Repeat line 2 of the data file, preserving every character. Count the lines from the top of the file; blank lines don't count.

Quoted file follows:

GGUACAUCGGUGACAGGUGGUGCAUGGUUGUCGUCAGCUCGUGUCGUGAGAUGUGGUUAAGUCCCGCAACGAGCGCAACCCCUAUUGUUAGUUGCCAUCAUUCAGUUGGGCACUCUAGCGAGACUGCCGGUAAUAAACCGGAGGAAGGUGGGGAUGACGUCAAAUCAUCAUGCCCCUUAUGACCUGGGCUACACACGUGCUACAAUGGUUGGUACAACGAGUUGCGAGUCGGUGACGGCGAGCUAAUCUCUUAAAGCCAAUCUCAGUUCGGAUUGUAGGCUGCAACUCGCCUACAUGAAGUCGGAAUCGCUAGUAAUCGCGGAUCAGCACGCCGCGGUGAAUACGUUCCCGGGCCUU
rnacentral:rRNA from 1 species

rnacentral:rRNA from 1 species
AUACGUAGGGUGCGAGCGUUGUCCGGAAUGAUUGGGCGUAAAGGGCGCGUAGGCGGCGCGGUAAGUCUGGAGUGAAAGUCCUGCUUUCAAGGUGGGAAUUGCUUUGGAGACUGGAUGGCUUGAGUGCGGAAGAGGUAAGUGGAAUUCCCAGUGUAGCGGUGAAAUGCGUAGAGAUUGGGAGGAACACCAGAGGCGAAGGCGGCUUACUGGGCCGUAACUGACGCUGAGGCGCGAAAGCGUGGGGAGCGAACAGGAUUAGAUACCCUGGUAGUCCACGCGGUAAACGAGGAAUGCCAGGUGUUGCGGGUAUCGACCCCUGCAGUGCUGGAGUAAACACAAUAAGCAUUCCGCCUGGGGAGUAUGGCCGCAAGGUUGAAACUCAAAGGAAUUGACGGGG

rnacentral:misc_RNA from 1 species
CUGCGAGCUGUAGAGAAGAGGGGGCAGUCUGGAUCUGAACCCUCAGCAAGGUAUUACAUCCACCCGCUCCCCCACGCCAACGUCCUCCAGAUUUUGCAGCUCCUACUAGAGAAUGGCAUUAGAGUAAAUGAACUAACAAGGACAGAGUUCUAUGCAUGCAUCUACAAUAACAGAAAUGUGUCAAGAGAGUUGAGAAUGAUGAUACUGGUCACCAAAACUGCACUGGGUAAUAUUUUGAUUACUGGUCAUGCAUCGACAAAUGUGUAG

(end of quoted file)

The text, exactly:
rnacentral:rRNA from 1 species